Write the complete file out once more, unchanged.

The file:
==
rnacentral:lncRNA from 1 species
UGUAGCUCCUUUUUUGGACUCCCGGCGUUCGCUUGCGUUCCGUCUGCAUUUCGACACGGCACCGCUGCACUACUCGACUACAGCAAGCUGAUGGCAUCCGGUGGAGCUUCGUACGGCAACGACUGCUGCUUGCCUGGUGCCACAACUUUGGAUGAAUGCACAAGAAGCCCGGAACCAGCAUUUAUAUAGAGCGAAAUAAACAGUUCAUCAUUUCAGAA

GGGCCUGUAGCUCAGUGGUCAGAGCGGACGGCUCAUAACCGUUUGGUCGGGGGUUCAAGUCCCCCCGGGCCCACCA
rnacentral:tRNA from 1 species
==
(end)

rnacentral:lncRNA from 1 species
UGUAGCUCCUUUUUUGGACUCCCGGCGUUCGCUUGCGUUCCGUCUGCAUUUCGACACGGCACCGCUGCACUACUCGACUACAGCAAGCUGAUGGCAUCCGGUGGAGCUUCGUACGGCAACGACUGCUGCUUGCCUGGUGCCACAACUUUGGAUGAAUGCACAAGAAGCCCGGAACCAGCAUUUAUAUAGAGCGAAAUAAACAGUUCAUCAUUUCAGAA

GGGCCUGUAGCUCAGUGGUCAGAGCGGACGGCUCAUAACCGUUUGGUCGGGGGUUCAAGUCCCCCCGGGCCCACCA
rnacentral:tRNA from 1 species